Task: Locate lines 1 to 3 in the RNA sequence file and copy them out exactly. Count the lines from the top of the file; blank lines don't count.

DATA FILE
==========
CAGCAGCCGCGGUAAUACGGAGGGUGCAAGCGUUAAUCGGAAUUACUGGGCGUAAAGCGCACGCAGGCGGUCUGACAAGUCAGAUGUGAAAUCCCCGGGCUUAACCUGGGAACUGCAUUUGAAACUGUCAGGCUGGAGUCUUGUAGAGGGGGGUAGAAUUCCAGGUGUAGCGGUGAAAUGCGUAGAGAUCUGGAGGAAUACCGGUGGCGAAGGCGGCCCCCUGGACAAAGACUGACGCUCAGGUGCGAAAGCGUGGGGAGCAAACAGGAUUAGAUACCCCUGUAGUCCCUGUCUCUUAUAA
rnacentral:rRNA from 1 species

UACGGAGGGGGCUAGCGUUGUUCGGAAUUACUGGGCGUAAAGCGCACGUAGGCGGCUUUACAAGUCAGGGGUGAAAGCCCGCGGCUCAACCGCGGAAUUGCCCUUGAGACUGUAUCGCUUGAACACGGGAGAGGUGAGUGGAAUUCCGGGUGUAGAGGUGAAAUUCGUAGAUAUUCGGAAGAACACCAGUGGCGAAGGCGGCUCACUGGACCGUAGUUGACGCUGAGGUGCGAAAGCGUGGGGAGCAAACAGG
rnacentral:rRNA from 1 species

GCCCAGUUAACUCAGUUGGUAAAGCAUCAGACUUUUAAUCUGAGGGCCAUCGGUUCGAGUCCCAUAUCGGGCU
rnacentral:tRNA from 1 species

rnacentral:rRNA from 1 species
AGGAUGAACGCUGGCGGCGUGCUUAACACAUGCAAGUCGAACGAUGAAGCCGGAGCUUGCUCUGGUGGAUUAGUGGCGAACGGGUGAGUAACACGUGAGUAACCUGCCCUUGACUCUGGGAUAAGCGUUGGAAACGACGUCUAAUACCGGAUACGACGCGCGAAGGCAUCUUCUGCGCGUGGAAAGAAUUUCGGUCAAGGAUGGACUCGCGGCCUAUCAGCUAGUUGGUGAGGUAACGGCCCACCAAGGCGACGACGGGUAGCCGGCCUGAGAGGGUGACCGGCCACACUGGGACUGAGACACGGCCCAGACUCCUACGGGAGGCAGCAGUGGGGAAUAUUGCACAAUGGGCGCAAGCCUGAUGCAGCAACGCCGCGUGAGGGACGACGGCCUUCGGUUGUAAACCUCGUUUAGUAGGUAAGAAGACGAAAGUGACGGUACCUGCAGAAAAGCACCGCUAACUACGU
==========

CAGCAGCCGCGGUAAUACGGAGGGUGCAAGCGUUAAUCGGAAUUACUGGGCGUAAAGCGCACGCAGGCGGUCUGACAAGUCAGAUGUGAAAUCCCCGGGCUUAACCUGGGAACUGCAUUUGAAACUGUCAGGCUGGAGUCUUGUAGAGGGGGGUAGAAUUCCAGGUGUAGCGGUGAAAUGCGUAGAGAUCUGGAGGAAUACCGGUGGCGAAGGCGGCCCCCUGGACAAAGACUGACGCUCAGGUGCGAAAGCGUGGGGAGCAAACAGGAUUAGAUACCCCUGUAGUCCCUGUCUCUUAUAA
rnacentral:rRNA from 1 species

UACGGAGGGGGCUAGCGUUGUUCGGAAUUACUGGGCGUAAAGCGCACGUAGGCGGCUUUACAAGUCAGGGGUGAAAGCCCGCGGCUCAACCGCGGAAUUGCCCUUGAGACUGUAUCGCUUGAACACGGGAGAGGUGAGUGGAAUUCCGGGUGUAGAGGUGAAAUUCGUAGAUAUUCGGAAGAACACCAGUGGCGAAGGCGGCUCACUGGACCGUAGUUGACGCUGAGGUGCGAAAGCGUGGGGAGCAAACAGG